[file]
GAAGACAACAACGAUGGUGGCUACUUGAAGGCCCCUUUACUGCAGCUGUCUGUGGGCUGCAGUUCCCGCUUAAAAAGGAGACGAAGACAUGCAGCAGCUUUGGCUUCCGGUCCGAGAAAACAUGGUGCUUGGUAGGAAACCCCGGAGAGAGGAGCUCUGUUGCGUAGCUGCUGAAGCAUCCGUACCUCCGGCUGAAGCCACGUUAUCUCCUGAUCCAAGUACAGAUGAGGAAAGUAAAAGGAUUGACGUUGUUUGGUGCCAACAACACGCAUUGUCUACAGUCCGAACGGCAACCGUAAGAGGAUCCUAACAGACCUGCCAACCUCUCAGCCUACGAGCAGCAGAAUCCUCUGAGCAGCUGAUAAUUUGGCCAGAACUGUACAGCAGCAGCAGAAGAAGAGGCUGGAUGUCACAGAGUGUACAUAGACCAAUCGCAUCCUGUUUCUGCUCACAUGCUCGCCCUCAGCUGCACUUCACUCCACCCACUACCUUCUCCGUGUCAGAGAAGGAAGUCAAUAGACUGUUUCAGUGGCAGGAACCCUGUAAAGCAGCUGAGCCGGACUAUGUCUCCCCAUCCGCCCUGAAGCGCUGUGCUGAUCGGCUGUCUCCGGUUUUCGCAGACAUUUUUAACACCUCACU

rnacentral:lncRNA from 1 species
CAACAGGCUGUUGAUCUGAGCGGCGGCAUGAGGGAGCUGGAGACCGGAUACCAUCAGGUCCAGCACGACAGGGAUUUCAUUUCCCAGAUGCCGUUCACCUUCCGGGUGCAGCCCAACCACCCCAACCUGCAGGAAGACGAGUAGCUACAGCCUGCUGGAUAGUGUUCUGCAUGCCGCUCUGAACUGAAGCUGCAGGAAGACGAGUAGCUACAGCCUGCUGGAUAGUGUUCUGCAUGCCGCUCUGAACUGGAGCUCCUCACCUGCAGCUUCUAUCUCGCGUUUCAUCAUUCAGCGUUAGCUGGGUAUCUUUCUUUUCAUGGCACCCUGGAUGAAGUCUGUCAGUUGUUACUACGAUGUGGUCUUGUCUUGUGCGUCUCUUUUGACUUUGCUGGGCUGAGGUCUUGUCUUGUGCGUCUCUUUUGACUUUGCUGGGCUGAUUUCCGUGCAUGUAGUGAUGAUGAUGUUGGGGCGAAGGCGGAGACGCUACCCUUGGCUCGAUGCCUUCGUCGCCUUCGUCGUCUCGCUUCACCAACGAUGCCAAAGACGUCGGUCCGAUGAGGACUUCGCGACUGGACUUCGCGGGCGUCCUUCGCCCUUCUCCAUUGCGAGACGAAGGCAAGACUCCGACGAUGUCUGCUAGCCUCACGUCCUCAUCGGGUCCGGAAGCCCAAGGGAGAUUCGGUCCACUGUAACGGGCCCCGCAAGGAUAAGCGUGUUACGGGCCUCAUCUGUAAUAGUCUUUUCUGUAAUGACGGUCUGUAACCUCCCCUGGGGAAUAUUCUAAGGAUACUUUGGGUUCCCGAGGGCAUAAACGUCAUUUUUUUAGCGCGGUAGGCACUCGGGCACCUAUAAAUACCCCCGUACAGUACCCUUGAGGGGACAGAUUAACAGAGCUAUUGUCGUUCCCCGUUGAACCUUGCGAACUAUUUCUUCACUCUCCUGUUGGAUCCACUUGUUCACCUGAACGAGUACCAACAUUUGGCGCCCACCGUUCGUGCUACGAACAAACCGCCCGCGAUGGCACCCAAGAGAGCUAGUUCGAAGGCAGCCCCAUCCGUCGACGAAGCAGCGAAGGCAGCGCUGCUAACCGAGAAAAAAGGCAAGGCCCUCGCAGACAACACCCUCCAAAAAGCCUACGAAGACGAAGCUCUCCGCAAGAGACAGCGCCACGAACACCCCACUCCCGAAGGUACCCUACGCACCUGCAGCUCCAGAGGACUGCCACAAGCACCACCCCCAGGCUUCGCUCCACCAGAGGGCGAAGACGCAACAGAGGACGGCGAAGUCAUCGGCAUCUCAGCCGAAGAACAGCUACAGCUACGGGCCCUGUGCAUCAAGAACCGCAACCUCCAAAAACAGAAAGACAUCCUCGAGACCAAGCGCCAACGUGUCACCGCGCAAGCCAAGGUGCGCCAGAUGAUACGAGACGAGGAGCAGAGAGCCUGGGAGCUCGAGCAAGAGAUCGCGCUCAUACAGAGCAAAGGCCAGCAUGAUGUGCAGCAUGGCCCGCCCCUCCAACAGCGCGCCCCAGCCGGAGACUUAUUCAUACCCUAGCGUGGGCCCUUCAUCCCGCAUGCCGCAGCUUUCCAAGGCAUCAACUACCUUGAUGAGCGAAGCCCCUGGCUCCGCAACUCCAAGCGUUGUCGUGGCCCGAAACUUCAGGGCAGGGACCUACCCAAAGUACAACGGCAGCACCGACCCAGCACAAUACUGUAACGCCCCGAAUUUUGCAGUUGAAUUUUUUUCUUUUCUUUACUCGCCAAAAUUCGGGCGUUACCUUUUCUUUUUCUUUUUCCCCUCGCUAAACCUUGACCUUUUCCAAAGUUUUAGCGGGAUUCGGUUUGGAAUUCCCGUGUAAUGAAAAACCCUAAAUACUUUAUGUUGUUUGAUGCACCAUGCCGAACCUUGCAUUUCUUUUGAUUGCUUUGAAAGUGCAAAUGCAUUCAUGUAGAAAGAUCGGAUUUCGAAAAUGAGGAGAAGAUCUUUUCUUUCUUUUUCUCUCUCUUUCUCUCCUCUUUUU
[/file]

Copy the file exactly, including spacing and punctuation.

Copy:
GAAGACAACAACGAUGGUGGCUACUUGAAGGCCCCUUUACUGCAGCUGUCUGUGGGCUGCAGUUCCCGCUUAAAAAGGAGACGAAGACAUGCAGCAGCUUUGGCUUCCGGUCCGAGAAAACAUGGUGCUUGGUAGGAAACCCCGGAGAGAGGAGCUCUGUUGCGUAGCUGCUGAAGCAUCCGUACCUCCGGCUGAAGCCACGUUAUCUCCUGAUCCAAGUACAGAUGAGGAAAGUAAAAGGAUUGACGUUGUUUGGUGCCAACAACACGCAUUGUCUACAGUCCGAACGGCAACCGUAAGAGGAUCCUAACAGACCUGCCAACCUCUCAGCCUACGAGCAGCAGAAUCCUCUGAGCAGCUGAUAAUUUGGCCAGAACUGUACAGCAGCAGCAGAAGAAGAGGCUGGAUGUCACAGAGUGUACAUAGACCAAUCGCAUCCUGUUUCUGCUCACAUGCUCGCCCUCAGCUGCACUUCACUCCACCCACUACCUUCUCCGUGUCAGAGAAGGAAGUCAAUAGACUGUUUCAGUGGCAGGAACCCUGUAAAGCAGCUGAGCCGGACUAUGUCUCCCCAUCCGCCCUGAAGCGCUGUGCUGAUCGGCUGUCUCCGGUUUUCGCAGACAUUUUUAACACCUCACU

rnacentral:lncRNA from 1 species
CAACAGGCUGUUGAUCUGAGCGGCGGCAUGAGGGAGCUGGAGACCGGAUACCAUCAGGUCCAGCACGACAGGGAUUUCAUUUCCCAGAUGCCGUUCACCUUCCGGGUGCAGCCCAACCACCCCAACCUGCAGGAAGACGAGUAGCUACAGCCUGCUGGAUAGUGUUCUGCAUGCCGCUCUGAACUGAAGCUGCAGGAAGACGAGUAGCUACAGCCUGCUGGAUAGUGUUCUGCAUGCCGCUCUGAACUGGAGCUCCUCACCUGCAGCUUCUAUCUCGCGUUUCAUCAUUCAGCGUUAGCUGGGUAUCUUUCUUUUCAUGGCACCCUGGAUGAAGUCUGUCAGUUGUUACUACGAUGUGGUCUUGUCUUGUGCGUCUCUUUUGACUUUGCUGGGCUGAGGUCUUGUCUUGUGCGUCUCUUUUGACUUUGCUGGGCUGAUUUCCGUGCAUGUAGUGAUGAUGAUGUUGGGGCGAAGGCGGAGACGCUACCCUUGGCUCGAUGCCUUCGUCGCCUUCGUCGUCUCGCUUCACCAACGAUGCCAAAGACGUCGGUCCGAUGAGGACUUCGCGACUGGACUUCGCGGGCGUCCUUCGCCCUUCUCCAUUGCGAGACGAAGGCAAGACUCCGACGAUGUCUGCUAGCCUCACGUCCUCAUCGGGUCCGGAAGCCCAAGGGAGAUUCGGUCCACUGUAACGGGCCCCGCAAGGAUAAGCGUGUUACGGGCCUCAUCUGUAAUAGUCUUUUCUGUAAUGACGGUCUGUAACCUCCCCUGGGGAAUAUUCUAAGGAUACUUUGGGUUCCCGAGGGCAUAAACGUCAUUUUUUUAGCGCGGUAGGCACUCGGGCACCUAUAAAUACCCCCGUACAGUACCCUUGAGGGGACAGAUUAACAGAGCUAUUGUCGUUCCCCGUUGAACCUUGCGAACUAUUUCUUCACUCUCCUGUUGGAUCCACUUGUUCACCUGAACGAGUACCAACAUUUGGCGCCCACCGUUCGUGCUACGAACAAACCGCCCGCGAUGGCACCCAAGAGAGCUAGUUCGAAGGCAGCCCCAUCCGUCGACGAAGCAGCGAAGGCAGCGCUGCUAACCGAGAAAAAAGGCAAGGCCCUCGCAGACAACACCCUCCAAAAAGCCUACGAAGACGAAGCUCUCCGCAAGAGACAGCGCCACGAACACCCCACUCCCGAAGGUACCCUACGCACCUGCAGCUCCAGAGGACUGCCACAAGCACCACCCCCAGGCUUCGCUCCACCAGAGGGCGAAGACGCAACAGAGGACGGCGAAGUCAUCGGCAUCUCAGCCGAAGAACAGCUACAGCUACGGGCCCUGUGCAUCAAGAACCGCAACCUCCAAAAACAGAAAGACAUCCUCGAGACCAAGCGCCAACGUGUCACCGCGCAAGCCAAGGUGCGCCAGAUGAUACGAGACGAGGAGCAGAGAGCCUGGGAGCUCGAGCAAGAGAUCGCGCUCAUACAGAGCAAAGGCCAGCAUGAUGUGCAGCAUGGCCCGCCCCUCCAACAGCGCGCCCCAGCCGGAGACUUAUUCAUACCCUAGCGUGGGCCCUUCAUCCCGCAUGCCGCAGCUUUCCAAGGCAUCAACUACCUUGAUGAGCGAAGCCCCUGGCUCCGCAACUCCAAGCGUUGUCGUGGCCCGAAACUUCAGGGCAGGGACCUACCCAAAGUACAACGGCAGCACCGACCCAGCACAAUACUGUAACGCCCCGAAUUUUGCAGUUGAAUUUUUUUCUUUUCUUUACUCGCCAAAAUUCGGGCGUUACCUUUUCUUUUUCUUUUUCCCCUCGCUAAACCUUGACCUUUUCCAAAGUUUUAGCGGGAUUCGGUUUGGAAUUCCCGUGUAAUGAAAAACCCUAAAUACUUUAUGUUGUUUGAUGCACCAUGCCGAACCUUGCAUUUCUUUUGAUUGCUUUGAAAGUGCAAAUGCAUUCAUGUAGAAAGAUCGGAUUUCGAAAAUGAGGAGAAGAUCUUUUCUUUCUUUUUCUCUCUCUUUCUCUCCUCUUUUU